May 11th ~ Casablanca, Morocco
Well, we were down to the last leg of our trip which included the bus ride from Essaouira to Casablanca. We were sorry to not have had more time in Essaouira as it was so charming and our free day got partly eaten away with lousy weather.
On the road early this morning at 7:30.
When we arrived in Casablanca (White House), we finally visited the first Christian Church, Notre Dame de Lourdes. The interior was modest compared to most churches we have visited on our travels. It is best known for the massive and impressive stained glass windows.
And a visit to Casablanca would not be complete without stopping off at Rick’s Cafe that was made famous because of the 1942 movie “Casablanca” starring Humphrey Bogart and Ingrid Bergman. This was a fictional place at the time as the movie was filmed on the Warner Brothers lots in Burbank, with a few scenes shot at the Burbank airport and in Arizona.
An enterprising American woman named Kathy Kriger replicated the setting and opened “Rick’s Cafe” here in Casablanca to much success. You could hear familiar clips such as, “Play it again, Sam” and “We’ll always have Paris” drift through the bus as we pulled up in front.
I must watch that movie again one of these days…
Right next door was a garage, which for some reason struck me funny. Not sure that I can explain why though?
A short walk through the Habous district and market and passing by the exterior of the Royal Palace was a non-event after the magnificence of the many fascination medinas of Fez, Marrakesh and Essaouira.
But the highlight of our limited time here in Casablanca was our visit to see the massive Hassan II Mosque, dramatically perched on a promontory on the Atlantic.
Its indoor and outdoor space can accommodate 105,000 worshippers with 25,000 inside and the remaining 80,000 in the surrounding courtyard.
The storm was still brewing and we were hit with gale force winds as we walked across the plaza. Truthfully it was quite difficult to stand up against the extreme strength of the brutal gusts, but with Tim hanging on to me for dear life we managed. It looks deceptively calm in these exterior shots 🙂
It is the largest mosque in Morocco and the 13th largest in the world. The minaret however takes top billing as the tallest at 210 metres (689 ft).
This is a new building in comparison to all the other intricate architecture we have visited here. Completed in 1993, it took only six (or seven) years to build, which is pretty insane, when seeing the magnitude and magnificence of the interior. They had huge crews working around the clock 24/7 to accomplish their goal.
“During the most intense period of construction, 1400 men worked during the day and another 1100 during the night. 10,000 artists and craftsmen participated in building and beautifying the mosque.” ~ Wikipedia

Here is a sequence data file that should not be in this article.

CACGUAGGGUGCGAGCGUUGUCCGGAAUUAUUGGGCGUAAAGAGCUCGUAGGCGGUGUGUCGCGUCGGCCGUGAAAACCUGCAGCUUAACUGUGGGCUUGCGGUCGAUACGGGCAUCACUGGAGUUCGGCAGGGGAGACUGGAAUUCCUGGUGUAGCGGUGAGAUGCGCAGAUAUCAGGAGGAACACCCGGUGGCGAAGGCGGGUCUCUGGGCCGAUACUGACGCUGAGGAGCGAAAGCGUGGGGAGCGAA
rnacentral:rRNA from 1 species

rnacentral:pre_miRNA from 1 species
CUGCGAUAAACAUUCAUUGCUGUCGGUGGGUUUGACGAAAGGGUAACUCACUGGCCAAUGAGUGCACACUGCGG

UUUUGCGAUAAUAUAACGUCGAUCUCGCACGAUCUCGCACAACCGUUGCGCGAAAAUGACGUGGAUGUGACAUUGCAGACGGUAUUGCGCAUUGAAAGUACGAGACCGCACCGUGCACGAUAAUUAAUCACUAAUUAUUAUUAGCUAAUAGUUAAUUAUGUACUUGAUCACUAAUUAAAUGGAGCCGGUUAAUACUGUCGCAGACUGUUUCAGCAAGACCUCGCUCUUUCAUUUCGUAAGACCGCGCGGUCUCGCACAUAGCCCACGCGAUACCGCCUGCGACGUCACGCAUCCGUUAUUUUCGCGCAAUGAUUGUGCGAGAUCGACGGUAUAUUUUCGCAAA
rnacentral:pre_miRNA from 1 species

Our guide told us six years, but Wikipedia says seven. Either way is off the charts impressive.
“The mosque rises above the Atlantic Ocean. The building is built partially on land and partially over the ocean. This siting was accomplished by creating a platform linking a natural rock outcrop reclaimed from the sea, where a swimming pool had previously been located. Two large breakwaters were also built, to protect the mosque from the erosive action of the ocean waves, which can be up to 10 metres (33 ft) in height. A temporary pier 800 metres (2,600 ft) in length had to be erected to protect the foundations of the pillars from the sea during the construction period. Its environmental advantage is that it is free of noise and pollution and receives a fresh breeze from the sea.” ~ Wikipedia
Oh, that is what that was, just a “fresh breeze”…
The interior takes your breath away. Our local guide walked us through the entire structure from top to bottom. We were instructed to take off our shoes before entering and carried them with us in a provided plastic bag.
The floors are all highly polished marble which is stunning.
The overhead roof is motorized, designed to open in the middle during good weather to show the sky. The moveable ceiling weighs 1100 tons and can be completely opened in just five minutes.
The level below holds the many fountains where the Muslims wash before entering the main part of the mosque. There are separate areas for men and women.
And even further down is a public hammam (communal bathhouse) that is yet to be used.
Our hotel provided one of the larger rooms we have had on this itinerary. With 28 floors, we knew we had returned to big city living. Our farewell dinner was on the top floor which presented us spectacular views of the entire city (see first photo at top of the page).
It is always bitter-sweet to complete a trip. Saying goodbyes to our fabulous guide and driver as well as new friends with hopes that our paths will cross on another trip in the future.
Overnight: Kenzi Tower Hotel, Casablanca
GRATITUDE MOMENT: Today I am grateful for the amazing trip we had exploring Morocco. Our guide, Ham, was probably the hardest working guide we have had on any of our Gate 1 trips. Always smiling and friendly, helpful and willing to go the extra mile to ensure that we had a flawless experience in his country.
An example of his “over the top” service: One of our tour members lost a small sack of argan oil she had purchased at the co-op. She was confident that she had left it on the bus. It could have easily been picked up by one of our co-travelers in error, or even accidentally tossed as trash. What ever the circumstance, Ham arranged for replacements (at no cost to her) to be bussed to us in Casablanca and were presented to her at our farewell dinner.
Our next stop is Portugal. Hope you will join us as we continue our amazing adventures…